Pekin Government, which had just given orders for the devastation of the country for a distance of more than twenty miles from the coast . Not only was he a remarkable partisan leader, but, without exception, Koshinga may be pronounced to have been the foremost naval hero throughout the whole of the annals of his country.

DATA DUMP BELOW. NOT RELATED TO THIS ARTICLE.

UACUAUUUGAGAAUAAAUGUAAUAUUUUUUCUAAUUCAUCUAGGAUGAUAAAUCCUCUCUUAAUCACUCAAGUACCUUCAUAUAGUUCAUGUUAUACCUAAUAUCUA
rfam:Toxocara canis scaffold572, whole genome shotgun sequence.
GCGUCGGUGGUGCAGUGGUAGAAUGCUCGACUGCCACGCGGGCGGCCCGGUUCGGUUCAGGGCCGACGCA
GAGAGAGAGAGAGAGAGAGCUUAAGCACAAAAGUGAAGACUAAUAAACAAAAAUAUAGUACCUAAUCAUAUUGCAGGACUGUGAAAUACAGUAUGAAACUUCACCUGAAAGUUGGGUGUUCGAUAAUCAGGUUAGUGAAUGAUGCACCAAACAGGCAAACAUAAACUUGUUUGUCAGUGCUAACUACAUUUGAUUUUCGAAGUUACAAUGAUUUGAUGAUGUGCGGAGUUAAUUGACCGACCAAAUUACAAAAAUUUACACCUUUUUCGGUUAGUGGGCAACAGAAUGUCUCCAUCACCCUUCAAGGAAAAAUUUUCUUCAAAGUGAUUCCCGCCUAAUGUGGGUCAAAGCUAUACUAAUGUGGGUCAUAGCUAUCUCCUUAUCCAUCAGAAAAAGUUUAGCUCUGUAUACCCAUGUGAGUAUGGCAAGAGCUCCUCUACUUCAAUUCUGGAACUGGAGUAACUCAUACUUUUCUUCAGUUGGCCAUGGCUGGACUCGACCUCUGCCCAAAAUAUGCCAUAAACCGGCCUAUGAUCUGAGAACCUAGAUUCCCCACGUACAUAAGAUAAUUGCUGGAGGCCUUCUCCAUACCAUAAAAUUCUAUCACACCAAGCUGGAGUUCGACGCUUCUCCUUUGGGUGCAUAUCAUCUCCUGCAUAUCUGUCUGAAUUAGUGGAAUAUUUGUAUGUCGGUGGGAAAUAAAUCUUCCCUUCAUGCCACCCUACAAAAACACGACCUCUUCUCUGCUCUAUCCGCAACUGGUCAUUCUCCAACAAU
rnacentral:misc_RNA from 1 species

Kanghi had not been long upon the throne when a great agitation, fanned by popular ignorance and fanaticism, was got up by a few of the more bigoted courtiers, against the Christian priests who had done no harm to anybody, and who had conferred some substantial benefits on the country. The anger of this extreme party was augmented by the favour with which the Emperor Chuntche had regarded these strangers, and by the fact that they had been raised to offices of marked honour and importance. It was not so much religious zeal as personal jealousy that instigated the Chinese official classes in raising this outcry against the foreigners, for they perceived that a charge of propagating "a false and monstrous religion" afforded the simplest and, in the eyes of the people, the most intelligible form of indictment. The Abbe Schaal was deposed from his presidentship, and the other Christian strangers were conveyed as prisoners to Pekin, where they were all found guilty and sentenced to a common death. So heinous was their crime held to be, that many councils met to decide what form of execution would be adequate to their offence. The delay that thus arose, which was intended to enhance their punishment, ensured, as a matter of fact, their safety. It gave Sony, one of the Regents, time to exercise all his influence on the side of justice and mercy; and, thanks to his measures and to the support of the Empress Mother, the sentences were quashed and the prisoners released. Such, however, were the bodily sufferings they had undergone, that the principal of these innocent victims, the Abbe Schaal, died shortly after his release.